From Endurance to Dressage
I have not had a bad ride on Sydney since we came back from the Christian Schacht clinic (knocking on wood as I type). In fact, each ride get s a little better than the one before it.
I've been focusing on that outside left rein. Before riding with Christian, I had no idea how much weight I could hold. I am not saying I want a heavy horse, but I've been dropping the contact which is probably why Sydney doesn't trust that rein.
Each time he resisted, I softened my left hand (while tracking right) which allowed him to either rear, whirl, bolt, or simply evade the connection. Christian showed me that I can't drop that contact and expect to make improvements. I am also using a much stronger inside right leg.
Over the last week and a half, we've worked on leg yielding across the diagonal. Sydney actually seems to enjoy the challenge of this exercise. When I rode him on Sunday, he was still trying to surge forward out of the corner which meant I had to take a good strong hold of my bucking strap to stabilize my core. Eventually, he figured out what we were doing and tried to keep a more steady rhythm.
The trick with that exercise is when to change the bend. I was trying to change the bend before I was out of the corner. I realized that it was more effective to ride the corner on the correct bend and then change the bend and my posting diagonal once were straight. I also had to really focus on halt halting through the corner so that we came of the corner balanced and ready to change the bend.
Sydney leg yields across the diagonal pretty nicely to the right (on a left bend), but gets a bit wonky to the left on a right bend. This makes total sense as tracking right is where we have the most problem with him not wanting to step underneath with his right hind. This exercise will help us, I am sure.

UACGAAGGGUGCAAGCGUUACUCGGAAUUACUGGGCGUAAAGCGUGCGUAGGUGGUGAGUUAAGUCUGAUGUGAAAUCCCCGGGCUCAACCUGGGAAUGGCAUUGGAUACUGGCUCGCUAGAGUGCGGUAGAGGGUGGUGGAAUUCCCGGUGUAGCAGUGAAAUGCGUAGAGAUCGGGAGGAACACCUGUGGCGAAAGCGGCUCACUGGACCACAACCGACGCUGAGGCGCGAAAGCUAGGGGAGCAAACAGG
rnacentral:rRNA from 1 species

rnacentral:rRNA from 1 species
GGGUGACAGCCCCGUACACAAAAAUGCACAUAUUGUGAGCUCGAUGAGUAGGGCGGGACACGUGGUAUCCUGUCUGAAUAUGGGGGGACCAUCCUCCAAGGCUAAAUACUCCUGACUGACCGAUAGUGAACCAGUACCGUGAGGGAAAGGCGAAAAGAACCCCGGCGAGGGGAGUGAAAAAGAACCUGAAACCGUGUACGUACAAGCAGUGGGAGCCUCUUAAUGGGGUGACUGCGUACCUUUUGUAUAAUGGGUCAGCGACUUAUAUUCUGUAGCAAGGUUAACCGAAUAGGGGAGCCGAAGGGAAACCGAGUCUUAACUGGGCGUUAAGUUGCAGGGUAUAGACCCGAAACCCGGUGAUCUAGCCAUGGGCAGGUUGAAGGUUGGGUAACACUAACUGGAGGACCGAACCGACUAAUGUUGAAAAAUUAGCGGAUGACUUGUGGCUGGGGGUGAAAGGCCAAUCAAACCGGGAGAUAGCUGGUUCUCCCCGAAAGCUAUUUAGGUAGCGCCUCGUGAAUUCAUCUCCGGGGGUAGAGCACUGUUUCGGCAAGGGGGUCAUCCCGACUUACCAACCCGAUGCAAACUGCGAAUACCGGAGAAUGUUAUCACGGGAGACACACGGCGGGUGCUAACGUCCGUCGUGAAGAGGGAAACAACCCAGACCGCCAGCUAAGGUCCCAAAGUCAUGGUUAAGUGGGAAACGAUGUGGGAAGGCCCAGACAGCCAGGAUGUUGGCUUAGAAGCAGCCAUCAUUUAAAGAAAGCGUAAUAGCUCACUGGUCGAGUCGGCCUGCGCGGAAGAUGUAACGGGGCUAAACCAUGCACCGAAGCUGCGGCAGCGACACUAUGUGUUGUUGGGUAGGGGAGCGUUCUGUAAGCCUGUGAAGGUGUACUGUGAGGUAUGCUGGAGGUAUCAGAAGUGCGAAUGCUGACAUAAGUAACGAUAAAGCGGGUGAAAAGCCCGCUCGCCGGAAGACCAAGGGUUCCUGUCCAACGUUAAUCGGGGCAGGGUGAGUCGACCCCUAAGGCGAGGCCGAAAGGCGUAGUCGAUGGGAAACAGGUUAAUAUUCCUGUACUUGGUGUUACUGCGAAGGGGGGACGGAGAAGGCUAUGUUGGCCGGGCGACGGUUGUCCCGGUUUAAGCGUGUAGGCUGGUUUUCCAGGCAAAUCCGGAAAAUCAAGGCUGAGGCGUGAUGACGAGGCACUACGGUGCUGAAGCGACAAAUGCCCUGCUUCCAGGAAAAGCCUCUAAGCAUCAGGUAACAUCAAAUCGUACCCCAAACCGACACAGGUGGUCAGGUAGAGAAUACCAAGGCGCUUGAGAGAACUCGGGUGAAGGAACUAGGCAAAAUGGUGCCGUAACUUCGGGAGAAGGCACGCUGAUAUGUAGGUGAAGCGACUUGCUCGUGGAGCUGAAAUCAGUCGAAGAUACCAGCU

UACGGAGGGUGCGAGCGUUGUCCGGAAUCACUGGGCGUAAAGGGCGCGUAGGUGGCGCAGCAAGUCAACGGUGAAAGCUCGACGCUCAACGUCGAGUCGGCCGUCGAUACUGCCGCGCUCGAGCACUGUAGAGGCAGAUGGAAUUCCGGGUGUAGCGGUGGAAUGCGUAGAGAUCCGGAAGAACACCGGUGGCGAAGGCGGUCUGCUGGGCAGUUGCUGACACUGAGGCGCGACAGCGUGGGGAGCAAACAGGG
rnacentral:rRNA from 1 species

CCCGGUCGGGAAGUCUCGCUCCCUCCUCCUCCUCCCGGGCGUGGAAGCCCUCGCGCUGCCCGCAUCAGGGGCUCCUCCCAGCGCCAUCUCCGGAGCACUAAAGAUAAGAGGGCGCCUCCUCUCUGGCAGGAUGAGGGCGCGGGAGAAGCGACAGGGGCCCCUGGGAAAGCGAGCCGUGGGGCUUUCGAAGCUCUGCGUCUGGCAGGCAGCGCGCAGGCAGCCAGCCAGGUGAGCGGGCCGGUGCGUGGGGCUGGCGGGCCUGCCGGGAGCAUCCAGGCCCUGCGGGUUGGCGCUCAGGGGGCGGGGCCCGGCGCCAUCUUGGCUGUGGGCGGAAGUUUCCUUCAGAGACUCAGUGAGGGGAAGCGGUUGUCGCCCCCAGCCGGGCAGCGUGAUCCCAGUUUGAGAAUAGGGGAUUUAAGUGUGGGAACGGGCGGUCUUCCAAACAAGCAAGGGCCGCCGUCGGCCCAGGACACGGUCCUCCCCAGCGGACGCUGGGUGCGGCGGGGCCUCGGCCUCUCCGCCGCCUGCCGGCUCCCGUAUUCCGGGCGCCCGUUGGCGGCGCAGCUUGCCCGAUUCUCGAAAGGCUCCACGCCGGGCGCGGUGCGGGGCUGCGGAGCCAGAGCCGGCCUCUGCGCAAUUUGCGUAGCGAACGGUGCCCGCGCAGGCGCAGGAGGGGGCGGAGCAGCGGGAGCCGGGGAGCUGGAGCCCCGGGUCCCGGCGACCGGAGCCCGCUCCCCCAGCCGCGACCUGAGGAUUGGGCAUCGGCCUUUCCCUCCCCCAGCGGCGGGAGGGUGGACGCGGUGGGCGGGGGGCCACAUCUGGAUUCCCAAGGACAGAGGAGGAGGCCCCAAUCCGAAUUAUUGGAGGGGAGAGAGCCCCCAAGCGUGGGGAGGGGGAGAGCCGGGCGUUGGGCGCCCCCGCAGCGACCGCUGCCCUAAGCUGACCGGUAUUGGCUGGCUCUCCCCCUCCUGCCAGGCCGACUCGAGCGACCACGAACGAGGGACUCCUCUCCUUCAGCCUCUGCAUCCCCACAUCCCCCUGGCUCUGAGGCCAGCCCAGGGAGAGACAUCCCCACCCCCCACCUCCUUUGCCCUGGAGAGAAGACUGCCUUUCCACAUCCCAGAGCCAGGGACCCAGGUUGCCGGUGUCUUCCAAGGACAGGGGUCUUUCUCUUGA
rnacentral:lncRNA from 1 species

I am also playing around with JL's slow down canter game. To the left, Sydney seems to enjoy the opportunity to do an extended canter. I now feel really comfortable letting him do a good hand gallop. As soon as I sit back and do a one-two hold, one-two release, he comes right back to me and softens nicely.
To the right, we're also developing some confidence, but we have the added issue of no inside bend this direction. I have to really manipulate both reins to first get a bend, and then to ask him to slow back down. I don't really have to ask him to speed up this direction as he kind of wants to rush anyway. It's been fun though, because I can tell that he's trying to listen to me and slow down. He just gets out of balance again which makes him hurry. As I get better about helping him to balance with that outside rein, he should start to feel more confidence.
Things are starting to feel a lot more like fun rather than Oh, Crap moments!
About the Writer and Rider
I am a lifelong rider.
I began endurance riding in 1996 where I ultimately completed five, one-day 100 mile races, the 200-mile Death Valley Encounter, and numerous other 50, 65, and 75 mile races. I began showing dressage in 2010.
Welcome to my dressage journey.
About Speedy G
Speedy went from endurance horse to dressage horse. After helping me earn a USDF Bronze medal in the summer of 2020, he is now semi-retired. Speedy is a 2004, 15'1 hand, purebred Arabian gelding. His Arabian Horse Registry name is G Ima Starr FA.
Izzy was started as a four-year old and then spent the next 18 months in pasture growing up. I bought him as a six-year old, and together, we are showing at the lower levels. He is a 2008, 16'3 hand warmblood gelding. His Rheinland Pfalz-saar International (RPSI) name is Imperioso.
National Rider Awards
State Rider Awards
State Horse Awards
CDS Sapphire Rider Award
Third Level: 63.514%
Third Level: 62.105%
2023 Show Season
(r) Ride-a-Test Clinic
2023 Show Schedule
2023 Completed …
2023 Qualifying Scores
Regional Adult Amateur Competition (RAAC)
Qualifying Training Level
3 Scores/2 Judges/60%: